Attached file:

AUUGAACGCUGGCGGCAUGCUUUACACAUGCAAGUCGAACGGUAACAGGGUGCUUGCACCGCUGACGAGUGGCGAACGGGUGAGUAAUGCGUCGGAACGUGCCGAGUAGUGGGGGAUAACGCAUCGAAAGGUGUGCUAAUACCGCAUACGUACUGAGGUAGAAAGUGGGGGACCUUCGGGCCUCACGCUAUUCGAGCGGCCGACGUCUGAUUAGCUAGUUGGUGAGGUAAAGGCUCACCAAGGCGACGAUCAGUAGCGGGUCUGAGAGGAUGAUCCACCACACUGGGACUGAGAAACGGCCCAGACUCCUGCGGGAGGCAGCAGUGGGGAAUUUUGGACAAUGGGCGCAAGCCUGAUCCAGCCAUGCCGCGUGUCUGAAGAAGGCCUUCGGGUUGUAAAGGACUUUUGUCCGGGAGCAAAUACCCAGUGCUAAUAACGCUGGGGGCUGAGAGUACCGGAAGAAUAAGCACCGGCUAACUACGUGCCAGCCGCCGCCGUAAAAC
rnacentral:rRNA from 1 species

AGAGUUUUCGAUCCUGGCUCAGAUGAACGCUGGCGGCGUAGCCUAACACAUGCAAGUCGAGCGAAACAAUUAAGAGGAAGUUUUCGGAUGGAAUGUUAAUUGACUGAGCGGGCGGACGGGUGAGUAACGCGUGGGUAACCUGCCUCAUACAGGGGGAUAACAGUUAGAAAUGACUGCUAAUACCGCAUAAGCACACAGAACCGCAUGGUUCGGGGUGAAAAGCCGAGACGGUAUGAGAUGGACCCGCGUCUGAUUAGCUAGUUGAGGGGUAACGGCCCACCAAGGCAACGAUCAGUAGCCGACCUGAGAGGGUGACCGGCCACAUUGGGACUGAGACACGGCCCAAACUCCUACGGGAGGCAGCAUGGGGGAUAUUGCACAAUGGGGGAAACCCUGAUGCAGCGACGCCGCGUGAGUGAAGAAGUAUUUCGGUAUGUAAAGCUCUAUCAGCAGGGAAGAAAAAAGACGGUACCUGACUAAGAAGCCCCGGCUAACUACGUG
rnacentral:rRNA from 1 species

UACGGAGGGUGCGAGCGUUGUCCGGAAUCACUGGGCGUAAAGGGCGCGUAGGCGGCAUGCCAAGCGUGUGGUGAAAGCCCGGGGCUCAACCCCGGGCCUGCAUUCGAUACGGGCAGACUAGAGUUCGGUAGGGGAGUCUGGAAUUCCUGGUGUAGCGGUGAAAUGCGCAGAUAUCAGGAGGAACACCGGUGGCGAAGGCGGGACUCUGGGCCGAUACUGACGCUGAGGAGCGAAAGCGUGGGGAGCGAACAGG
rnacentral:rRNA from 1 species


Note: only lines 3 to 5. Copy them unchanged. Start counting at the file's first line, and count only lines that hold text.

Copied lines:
AGAGUUUUCGAUCCUGGCUCAGAUGAACGCUGGCGGCGUAGCCUAACACAUGCAAGUCGAGCGAAACAAUUAAGAGGAAGUUUUCGGAUGGAAUGUUAAUUGACUGAGCGGGCGGACGGGUGAGUAACGCGUGGGUAACCUGCCUCAUACAGGGGGAUAACAGUUAGAAAUGACUGCUAAUACCGCAUAAGCACACAGAACCGCAUGGUUCGGGGUGAAAAGCCGAGACGGUAUGAGAUGGACCCGCGUCUGAUUAGCUAGUUGAGGGGUAACGGCCCACCAAGGCAACGAUCAGUAGCCGACCUGAGAGGGUGACCGGCCACAUUGGGACUGAGACACGGCCCAAACUCCUACGGGAGGCAGCAUGGGGGAUAUUGCACAAUGGGGGAAACCCUGAUGCAGCGACGCCGCGUGAGUGAAGAAGUAUUUCGGUAUGUAAAGCUCUAUCAGCAGGGAAGAAAAAAGACGGUACCUGACUAAGAAGCCCCGGCUAACUACGUG
rnacentral:rRNA from 1 species

UACGGAGGGUGCGAGCGUUGUCCGGAAUCACUGGGCGUAAAGGGCGCGUAGGCGGCAUGCCAAGCGUGUGGUGAAAGCCCGGGGCUCAACCCCGGGCCUGCAUUCGAUACGGGCAGACUAGAGUUCGGUAGGGGAGUCUGGAAUUCCUGGUGUAGCGGUGAAAUGCGCAGAUAUCAGGAGGAACACCGGUGGCGAAGGCGGGACUCUGGGCCGAUACUGACGCUGAGGAGCGAAAGCGUGGGGAGCGAACAGG